Navistar Defense Earns New MRAP Contract

March 22, 2012
Vintage vehicles to receive rolling chassis update

Navistar Defense LLC reported a new contract to install updated MRAP chassis systems for the U.S Army Contracting Command, a $21-million assignment that follows an earlier, $880-million order from the U.S. Marine Corps System Command to upgrade more than 2,700 of the International MaxxPro Mine Resistant Ambush Protected (MRAP) vehicles with Navistar’s “rolling chassis solution.” The new award also includes engineering changes, supplies, and services.

The MRAP is an all-terrain vehicle specially armored and equipped for combat-zone duty, and the rolling chassis package aims to improve the vehicle's off-road capability with the addition of an independent suspension, a Navistar MaxxForce 9.3 engine, 570-amp alternator, and driveline. Navistar Defense noted it has supplied the U.S. Defense Dept. with almost 9,000 MaxxPro vehicles, and anticipates further enhancements and reuse options for the entire fleet of 32,000 vehicles.

The new contract is part of a series of awards from the U.S Army Contracting Command aimed at improving existing defense assets for future missions. Retrofits will be conducted at Navistar’s West Point, Miss., operation, and should be completed by June 1.

"We are focused on increasing the capabilities of our existing fleet with minimal impact to defense funding," stated Navistar Defense president Archie Massicotte. "The vehicle reset line we established for this installation work can also be utilized to restore older vehicles to like-new condition. Therefore, we are poised and ready to reset vehicles returning from deployment – either here at our facility or overseas."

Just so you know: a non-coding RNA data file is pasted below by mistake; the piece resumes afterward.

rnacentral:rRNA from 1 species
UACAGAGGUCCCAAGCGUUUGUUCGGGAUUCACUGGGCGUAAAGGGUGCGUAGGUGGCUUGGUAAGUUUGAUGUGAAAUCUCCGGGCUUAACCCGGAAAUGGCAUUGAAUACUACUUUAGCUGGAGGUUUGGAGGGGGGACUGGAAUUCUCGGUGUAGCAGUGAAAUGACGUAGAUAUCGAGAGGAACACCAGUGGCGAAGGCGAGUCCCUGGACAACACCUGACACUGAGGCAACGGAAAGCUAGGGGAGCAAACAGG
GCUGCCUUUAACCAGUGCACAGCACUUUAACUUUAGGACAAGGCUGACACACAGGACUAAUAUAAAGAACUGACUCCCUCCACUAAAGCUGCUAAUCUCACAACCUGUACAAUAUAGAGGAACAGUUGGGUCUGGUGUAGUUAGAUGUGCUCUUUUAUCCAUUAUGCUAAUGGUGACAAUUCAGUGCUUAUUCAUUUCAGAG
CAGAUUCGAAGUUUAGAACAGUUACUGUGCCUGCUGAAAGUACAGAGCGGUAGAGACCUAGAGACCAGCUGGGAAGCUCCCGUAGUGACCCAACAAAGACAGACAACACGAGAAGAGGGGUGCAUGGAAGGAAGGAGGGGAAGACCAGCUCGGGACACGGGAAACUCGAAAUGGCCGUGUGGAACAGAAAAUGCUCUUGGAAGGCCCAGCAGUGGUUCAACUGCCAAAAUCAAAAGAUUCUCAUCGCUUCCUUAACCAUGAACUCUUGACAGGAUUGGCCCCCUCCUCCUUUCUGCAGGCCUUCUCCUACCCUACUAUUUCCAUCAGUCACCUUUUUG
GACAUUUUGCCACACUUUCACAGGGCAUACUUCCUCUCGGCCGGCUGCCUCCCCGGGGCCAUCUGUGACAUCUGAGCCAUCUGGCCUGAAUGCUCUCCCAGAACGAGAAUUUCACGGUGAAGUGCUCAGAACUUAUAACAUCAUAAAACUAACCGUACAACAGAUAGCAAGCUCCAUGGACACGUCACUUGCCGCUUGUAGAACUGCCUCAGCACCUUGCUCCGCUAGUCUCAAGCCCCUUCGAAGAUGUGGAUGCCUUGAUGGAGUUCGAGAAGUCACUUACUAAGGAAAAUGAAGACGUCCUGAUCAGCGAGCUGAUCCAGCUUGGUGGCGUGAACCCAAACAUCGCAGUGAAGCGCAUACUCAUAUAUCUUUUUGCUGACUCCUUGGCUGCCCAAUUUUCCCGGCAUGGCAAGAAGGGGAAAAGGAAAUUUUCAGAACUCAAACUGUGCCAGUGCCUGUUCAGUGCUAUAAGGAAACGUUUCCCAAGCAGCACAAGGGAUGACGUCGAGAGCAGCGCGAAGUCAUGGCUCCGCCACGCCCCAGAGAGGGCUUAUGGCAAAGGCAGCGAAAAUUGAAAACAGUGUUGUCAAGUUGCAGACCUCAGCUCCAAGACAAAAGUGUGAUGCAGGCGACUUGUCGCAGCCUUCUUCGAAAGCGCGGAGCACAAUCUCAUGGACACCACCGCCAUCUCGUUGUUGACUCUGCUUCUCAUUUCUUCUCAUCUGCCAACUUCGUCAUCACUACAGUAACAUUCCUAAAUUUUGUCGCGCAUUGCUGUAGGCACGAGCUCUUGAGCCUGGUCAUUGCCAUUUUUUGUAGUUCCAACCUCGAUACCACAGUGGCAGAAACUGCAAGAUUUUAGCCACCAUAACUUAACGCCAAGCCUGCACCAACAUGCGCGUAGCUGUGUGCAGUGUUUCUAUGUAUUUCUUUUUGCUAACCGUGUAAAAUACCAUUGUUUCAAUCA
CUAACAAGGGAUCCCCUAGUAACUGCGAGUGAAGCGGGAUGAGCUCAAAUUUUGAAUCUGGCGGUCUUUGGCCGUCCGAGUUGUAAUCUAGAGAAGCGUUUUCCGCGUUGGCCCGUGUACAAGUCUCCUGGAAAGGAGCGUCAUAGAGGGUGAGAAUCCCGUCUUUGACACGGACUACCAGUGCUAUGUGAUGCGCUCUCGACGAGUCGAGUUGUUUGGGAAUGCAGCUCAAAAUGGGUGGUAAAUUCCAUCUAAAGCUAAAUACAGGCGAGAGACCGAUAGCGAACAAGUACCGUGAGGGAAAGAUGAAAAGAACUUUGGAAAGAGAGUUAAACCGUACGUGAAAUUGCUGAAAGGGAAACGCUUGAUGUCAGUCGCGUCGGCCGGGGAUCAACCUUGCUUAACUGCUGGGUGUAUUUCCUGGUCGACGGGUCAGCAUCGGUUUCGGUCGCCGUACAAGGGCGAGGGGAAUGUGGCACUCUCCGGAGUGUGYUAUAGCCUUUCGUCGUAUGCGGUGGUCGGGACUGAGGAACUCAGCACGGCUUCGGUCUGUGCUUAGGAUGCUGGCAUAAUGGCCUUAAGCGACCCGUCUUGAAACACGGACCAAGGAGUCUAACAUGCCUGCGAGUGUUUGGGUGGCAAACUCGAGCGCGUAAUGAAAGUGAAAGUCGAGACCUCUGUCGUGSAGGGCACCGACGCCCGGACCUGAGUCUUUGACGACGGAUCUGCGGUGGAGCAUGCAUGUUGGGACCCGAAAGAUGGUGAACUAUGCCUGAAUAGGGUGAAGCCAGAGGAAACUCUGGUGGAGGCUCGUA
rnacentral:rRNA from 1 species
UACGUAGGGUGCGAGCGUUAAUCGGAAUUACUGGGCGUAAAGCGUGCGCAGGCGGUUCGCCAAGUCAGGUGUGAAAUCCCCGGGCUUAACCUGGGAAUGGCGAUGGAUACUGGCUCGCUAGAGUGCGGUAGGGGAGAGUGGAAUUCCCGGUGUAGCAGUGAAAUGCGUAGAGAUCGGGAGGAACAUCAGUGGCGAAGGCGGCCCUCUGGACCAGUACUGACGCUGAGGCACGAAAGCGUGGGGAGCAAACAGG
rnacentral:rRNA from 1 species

Navistar Defense noted that the vehicles remaining after the retrofits can be matched with an armored cab and returned to service, or restored as commercial flatbed trucks by adding a standard cab (at roughly one third of the cost of a new commercial vehicle.) Alternatively, a recovery vehicle and a utility truck are other variants that can be produced on this “building-block model.”

About the Author

Robert Brooks | Content Director

Robert Brooks has been a business-to-business reporter, writer, editor, and columnist for more than 20 years, specializing in the primary metal and basic manufacturing industries. His work has covered a wide range of topics, including process technology, resource development, material selection, product design, workforce development, and industrial market strategies, among others. Currently, he specializes in subjects related to metal component and product design, development, and manufacturing — including castings, forgings, machined parts, and fabrications.

Brooks is a graduate of Kenyon College (B.A. English, Political Science) and Emory University (M.A. English.)

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